Texas lawmaker who suggested God is responsible for mall mass shooting wants more guns at shops

Texas lawmaker who suggested God is responsible for mall mass shooting wants more guns at shops
Image via screengrab.

The Republican U.S. Congressman from Texas who received massive criticism for suggesting God was responsible for this weekend’s mass shooting at a shopping mall that left eight people including a five-year-old dead is now saying he wants more guns at the Allen Premium Outlets.

Freshman Republican Rep. Keith Self, 70, whose congressional district includes Allen, Texas, served in both the Army Special Forces and Army Rangers. A Christian nationalist, far-right extremist, and 2020 presidential election denier, Self was endorsed by twice-impeached and criminally-indicted ex-president Donald Trump, along with his disgraced ex-National Security Advisor Mike Flynn, also a far-right Christian nationalist, and a QAnon supporter.

Asked Monday morning if he knew why the gunman targeted that outlet mall, Rep. Self told Fox News (video below),”I don’t know, we can speculate on it.”

“But I will tell you this: I believe the policy of that mall is a no-gun zone. So one of the things we’ve got to consider is not having these soft targets,” he said, suggesting there should be more people there with guns. “I was in the military for 25 years and I will tell you soft targets are where criminals go.”

READ MORE: Watch: Texas Dem Calls for Republican ‘To Be Removed From Office’ Over ‘Unconscionable’ Allen Mass Shooting Remarks

Those remarks echo comments Rep. Self gave to The Washington Post in an interview published Sunday.

“If we are going to have people in our society who wantonly murder people, we are going to have to think about more protection — protecting our schools and soft targets like malls. That is the direction we need to be going: What are we going to do to protect ourselves? Unless we develop some civic conscience which means people don’t murder 5-year-olds, then we need to protect society.”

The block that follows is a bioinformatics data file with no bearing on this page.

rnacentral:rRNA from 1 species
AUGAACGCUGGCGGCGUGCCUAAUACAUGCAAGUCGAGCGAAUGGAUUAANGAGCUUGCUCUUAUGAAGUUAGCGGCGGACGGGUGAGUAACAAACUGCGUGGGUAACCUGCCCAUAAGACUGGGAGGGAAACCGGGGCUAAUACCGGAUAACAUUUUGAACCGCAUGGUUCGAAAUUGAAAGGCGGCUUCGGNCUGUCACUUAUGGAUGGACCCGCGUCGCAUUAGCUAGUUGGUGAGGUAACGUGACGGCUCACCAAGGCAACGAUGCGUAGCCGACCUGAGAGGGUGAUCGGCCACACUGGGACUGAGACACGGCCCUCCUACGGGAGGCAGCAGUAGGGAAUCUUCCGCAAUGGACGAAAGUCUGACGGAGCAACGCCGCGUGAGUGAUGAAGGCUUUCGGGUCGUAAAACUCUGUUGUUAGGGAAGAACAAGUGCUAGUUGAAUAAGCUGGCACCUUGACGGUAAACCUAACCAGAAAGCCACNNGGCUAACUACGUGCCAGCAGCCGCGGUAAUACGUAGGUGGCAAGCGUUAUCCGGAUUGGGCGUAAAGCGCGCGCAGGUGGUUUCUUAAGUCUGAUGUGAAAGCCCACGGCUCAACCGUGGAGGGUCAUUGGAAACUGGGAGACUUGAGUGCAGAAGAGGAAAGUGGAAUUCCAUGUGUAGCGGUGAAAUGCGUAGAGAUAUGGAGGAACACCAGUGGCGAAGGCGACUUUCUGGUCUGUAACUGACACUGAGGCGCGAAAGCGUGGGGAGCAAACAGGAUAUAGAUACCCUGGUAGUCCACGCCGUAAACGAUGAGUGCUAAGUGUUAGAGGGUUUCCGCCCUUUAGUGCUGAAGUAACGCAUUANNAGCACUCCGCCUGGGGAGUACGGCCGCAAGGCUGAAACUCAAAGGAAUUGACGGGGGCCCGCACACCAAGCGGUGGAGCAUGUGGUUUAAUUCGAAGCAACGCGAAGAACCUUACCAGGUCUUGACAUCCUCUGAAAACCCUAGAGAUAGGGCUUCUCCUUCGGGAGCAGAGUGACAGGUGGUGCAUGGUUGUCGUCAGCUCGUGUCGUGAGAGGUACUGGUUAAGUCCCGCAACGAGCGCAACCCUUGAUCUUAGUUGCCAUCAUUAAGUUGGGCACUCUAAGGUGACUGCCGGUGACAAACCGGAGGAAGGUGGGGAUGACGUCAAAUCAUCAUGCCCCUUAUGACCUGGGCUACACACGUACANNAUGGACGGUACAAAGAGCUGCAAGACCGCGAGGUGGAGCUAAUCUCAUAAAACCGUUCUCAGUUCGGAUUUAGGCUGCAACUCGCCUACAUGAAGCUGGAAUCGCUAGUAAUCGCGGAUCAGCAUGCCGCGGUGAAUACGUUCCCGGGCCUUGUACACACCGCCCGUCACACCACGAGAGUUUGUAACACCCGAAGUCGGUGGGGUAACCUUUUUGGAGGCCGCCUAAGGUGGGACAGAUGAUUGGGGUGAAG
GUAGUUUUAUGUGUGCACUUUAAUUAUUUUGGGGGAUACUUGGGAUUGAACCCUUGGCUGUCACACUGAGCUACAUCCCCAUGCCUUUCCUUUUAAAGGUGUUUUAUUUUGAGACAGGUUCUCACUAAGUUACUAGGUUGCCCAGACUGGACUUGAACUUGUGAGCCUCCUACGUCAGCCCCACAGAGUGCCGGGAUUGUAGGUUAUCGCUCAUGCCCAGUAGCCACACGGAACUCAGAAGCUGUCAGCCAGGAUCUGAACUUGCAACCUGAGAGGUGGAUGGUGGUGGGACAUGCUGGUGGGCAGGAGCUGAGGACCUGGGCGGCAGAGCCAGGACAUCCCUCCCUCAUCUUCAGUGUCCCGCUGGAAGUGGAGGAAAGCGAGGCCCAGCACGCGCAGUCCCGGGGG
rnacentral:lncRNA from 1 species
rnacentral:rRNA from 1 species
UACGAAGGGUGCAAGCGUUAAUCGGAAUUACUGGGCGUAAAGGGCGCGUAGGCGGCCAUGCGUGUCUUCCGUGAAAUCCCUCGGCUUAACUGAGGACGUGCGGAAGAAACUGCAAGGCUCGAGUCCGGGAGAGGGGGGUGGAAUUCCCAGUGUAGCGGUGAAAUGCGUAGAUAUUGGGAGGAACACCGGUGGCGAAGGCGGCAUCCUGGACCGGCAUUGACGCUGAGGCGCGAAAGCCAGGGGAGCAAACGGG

Self also told The Post, “the immediate aftermath is not the time for politics. We have long ago traded faith in God, which means civic action based on that faith, for faith in government.”

On Saturday, just hours after the mass shooting in his district, CNN’s Paula Reid challenged Self, noting that many are saying prayers after mass shootings “aren’t cutting it.”

“Well,” Self responded in this now viral video, “those are people that don’t believe in an almighty God who has, who is absolutely in control of our lives. I’m a Christian, I believe that he is. We have people though, with mental health [issues] that we’re not taking care of.”

READ MORE: Mississippi Governor Under Fire After Launching Re-Election Bid With ‘Cosplaying’ Video of Him ‘Shooting’ People of Color

Multiple news reports say the suspected shooter posted or interacted with hundreds of neo-Nazi and white supremacist posts on social media.

The suspect “also had a patch on his chest when he was killed by police that read ‘RWDS,’ an acronym for the phrase ‘Right Wing Death Squad,’ which is popular among right-wing extremists and white supremacy groups, [an] official said,” according to the Associated Press.

The New York Times’ Nicholas Kristof, responding to Self’s remarks on Saturday, echoed what many were saying.

“Seems a little much for a GOP member of Congress to blame God for a mass shooting made more likely by the failed policies of GOP members of Congress,” Kristof wrote.

On his official government website, Self describes his opinion of the Second Amendment: “Our Founding Fathers established the fundamental right of every citizen to arm and protect themselves and their families. This is indisputable,” he claims, a claim many legal experts reject. “It is crucial that we not give rise to those who wish to incrementally strip away our right to self-defense. I will remain steadfast against any effort to restrict our Second Amendment rights.”

Watch Rep. Self’s remarks to Fox News below or at this link.

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